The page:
Low-grade immune activation is common in people living with HIV (PLHIV), despite long-term viral suppression by antiretroviral therapy (ART). The clinical significance of this activation remains unclear. The aim of this study was to examine residual intrathecal immune activation in relation to signs of neuronal injury and neurocognitive impairment in PLHIV who had been virally suppressed on ART for more than 10 years.
Twenty neuroasymptomatic PLHIV on suppressive ART for a median of 13.2 years were retrospectively identified from the longitudinal prospective Gothenburg HIV cerebrospinal fluid (CSF) study. HIV-RNA, neopterin, and neurofilament light protein (NFL) levels were measured in paired plasma and CSF samples. Pretreatment samples were available for 14 patients. Cognitive function was assessed by CogState at follow-up.
CSF neopterin decreased from a median (IQR) of 17.8 (10.6-29.7) to 6.1 (4.6-8.0) nmol/l during treatment (P < 0.001). In 11 out of 20 participants (55%), CSF neopterin levels were above the upper normal reference limit (5.8 nmol/l) at follow-up. Age-adjusted CSF NFL decreased to within-normal levels from a median of (IQR) 1179 (557-2707) to 415 (292-610) ng/l (P < 0.001). No significant correlations were found between CSF neopterin and CSF NFL or neurocognitive performance.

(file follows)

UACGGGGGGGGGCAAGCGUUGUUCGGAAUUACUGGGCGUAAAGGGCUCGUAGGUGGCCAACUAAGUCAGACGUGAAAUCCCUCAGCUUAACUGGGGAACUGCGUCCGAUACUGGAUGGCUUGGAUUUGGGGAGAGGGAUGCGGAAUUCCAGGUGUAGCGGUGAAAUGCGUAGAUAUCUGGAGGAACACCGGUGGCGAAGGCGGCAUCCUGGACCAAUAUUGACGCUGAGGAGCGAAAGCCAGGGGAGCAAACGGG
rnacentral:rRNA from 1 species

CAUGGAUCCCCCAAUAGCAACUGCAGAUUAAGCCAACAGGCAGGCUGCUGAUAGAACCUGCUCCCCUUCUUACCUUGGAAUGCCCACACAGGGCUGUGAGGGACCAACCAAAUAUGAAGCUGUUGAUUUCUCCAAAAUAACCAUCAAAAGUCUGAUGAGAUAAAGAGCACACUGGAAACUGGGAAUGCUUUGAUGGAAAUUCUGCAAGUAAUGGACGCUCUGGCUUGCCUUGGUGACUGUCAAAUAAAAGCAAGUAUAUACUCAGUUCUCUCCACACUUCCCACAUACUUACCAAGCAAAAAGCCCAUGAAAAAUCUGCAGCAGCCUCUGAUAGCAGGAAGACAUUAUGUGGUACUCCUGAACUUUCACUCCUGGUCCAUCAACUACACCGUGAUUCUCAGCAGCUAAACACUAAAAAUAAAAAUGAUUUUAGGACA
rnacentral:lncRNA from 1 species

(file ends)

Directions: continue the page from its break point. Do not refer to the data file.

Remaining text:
Although CSF neopterin decreased significantly, more than 50% of the patients had CSF concentrations above the upper normal reference value despite more than 10 years of suppressive ART. We found no correlation between CSF neopterin, CSF NFL or neurocognitive performance at follow-up, indicating that low-grade immune activation during suppressive ART may be clinically benign.